This needed to change. Bowland Maths was designed to support that change, addressing all these aspects in a coherent and effective way and helping teachers and pupils to respond to the challenge, successfully as well as enjoyably.

Curriculum implications

This diagnosis suggested that there were three neglected elements needing to be added to what is taught in schools:

  1. Non-routine problems: Much school mathematics was currently about learning, remembering and then reproducing what has been taught. But problems are rarely routine, so recall is not enough; to be effective requires thinking with mathematics. In the classroom, this suggests that pupils should tackle a variety of problems that they have not been shown how to solve, together with some explicit teaching of approaches that can be used to help solve such problems.
  2. Substantial problems: Most important problems involve chains of reasoning that take much longer than the minute or two characteristic of most maths tasks in schools - again, there is a parallel with the reasoning used for an essay. In the classroom, this suggests that pupils should tackle substantial, more complex problems, perhaps requiring a whole lesson or more to complete.
  3. Multiple connections: Effective performance depends on building multiple connections between different parts of maths and with practical situations that can be modelled. For example, pupils need to be able to represent situations in words, in numbers, with graphs and using algebraic symbols - and to be able to move freely between these representations, looking for the clearest way to find and express meaning. In the classroom, the time-sequence of teaching often uses a logical sequence of topics, with, at best, each one linked only to the one immediately before it. The multiple links that are required for robust understanding do not arise in such simple ways; they have to be built in. Solving non-routine problems depends on such links, and is the key to developing them.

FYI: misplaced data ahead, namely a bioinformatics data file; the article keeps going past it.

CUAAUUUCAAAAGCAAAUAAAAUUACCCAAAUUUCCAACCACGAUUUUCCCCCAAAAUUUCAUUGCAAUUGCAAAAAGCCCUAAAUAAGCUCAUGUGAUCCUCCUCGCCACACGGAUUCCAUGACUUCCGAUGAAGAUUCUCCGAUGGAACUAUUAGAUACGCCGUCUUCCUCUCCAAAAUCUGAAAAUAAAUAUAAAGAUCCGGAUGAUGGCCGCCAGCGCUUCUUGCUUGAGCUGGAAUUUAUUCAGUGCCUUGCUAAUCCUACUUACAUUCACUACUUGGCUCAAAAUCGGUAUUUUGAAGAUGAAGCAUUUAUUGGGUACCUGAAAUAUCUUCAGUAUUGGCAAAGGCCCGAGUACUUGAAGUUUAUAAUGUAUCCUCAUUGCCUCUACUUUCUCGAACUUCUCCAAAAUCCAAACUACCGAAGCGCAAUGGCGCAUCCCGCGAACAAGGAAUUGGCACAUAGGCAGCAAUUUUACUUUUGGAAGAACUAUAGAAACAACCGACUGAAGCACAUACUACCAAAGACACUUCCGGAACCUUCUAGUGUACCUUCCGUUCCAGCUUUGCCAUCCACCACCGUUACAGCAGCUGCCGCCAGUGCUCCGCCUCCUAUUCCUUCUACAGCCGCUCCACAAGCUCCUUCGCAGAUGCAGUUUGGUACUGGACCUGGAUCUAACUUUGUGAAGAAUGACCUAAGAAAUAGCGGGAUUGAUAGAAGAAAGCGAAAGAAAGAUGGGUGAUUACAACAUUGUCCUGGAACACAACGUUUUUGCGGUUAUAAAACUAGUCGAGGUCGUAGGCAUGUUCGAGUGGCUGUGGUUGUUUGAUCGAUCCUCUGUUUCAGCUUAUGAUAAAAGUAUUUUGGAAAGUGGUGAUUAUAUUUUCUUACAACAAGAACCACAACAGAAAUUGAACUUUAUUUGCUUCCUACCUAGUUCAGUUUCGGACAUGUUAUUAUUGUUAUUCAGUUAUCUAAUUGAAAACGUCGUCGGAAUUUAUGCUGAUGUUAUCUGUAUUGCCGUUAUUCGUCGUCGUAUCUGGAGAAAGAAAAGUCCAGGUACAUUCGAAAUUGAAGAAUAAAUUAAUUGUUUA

Bowland Maths was designed to provide materials that would enable teachers to address these three areas and so reinforce the mathematical knowledge and skills of pupils.

A worry always was that problems like these might prove to be too difficult for pupils: after all, many pupils have trouble doing even straightforward exercises. Surprisingly, the answer is no; there is plenty of evidence - which the use of the case studies have reinforced (in trials and elsewhere) - that pupils can cope with richer, more complex problems, provided that they have the appropriate range of learning experiences in the classroom.

Pupil motivation

Bowland Maths addresses another important challenge. Whenever attitudes to school maths are surveyed, a depressing picture emerges. Maths generally has a high profile and while successful pupils are usually proud of their achievements, the less successful tend to regard maths as an obstacle that they have to overcome in order to get on with what they want to do in life. The activities that many pupils undertake in school maths do not motivate them.

Motivation is a vital factor in learning; if it can be improved for mathematics in school, there are gains in performance. The types of problem that pupils are required to tackle are a key factor in their motivation. Pupils can be motivated by a great variety of problems - not only in the real world, but in fantasy worlds too, which can all be used to develop thinking and problem solving processes. Once they are motivated, their mathematical; abilities tends to improve too. There is substantial research that shows that such an approach can be successful and enjoyable for pupils - and for their teachers: thinking with mathematics about substantial problems - real or fantasy - can indeed be taught, learned and assessed.

These are some of the reasons behind the Bowland Trust development of the concepts in Bowland Maths - larger scale, open problems, interesting to pupils and using examples in forms that enable teachers to develop pupils' skills across the aspects of performance listed above. Key Stage 3 was selected as the initial target as that is the time which seems to be critical in developing attitudes to maths which can last for life.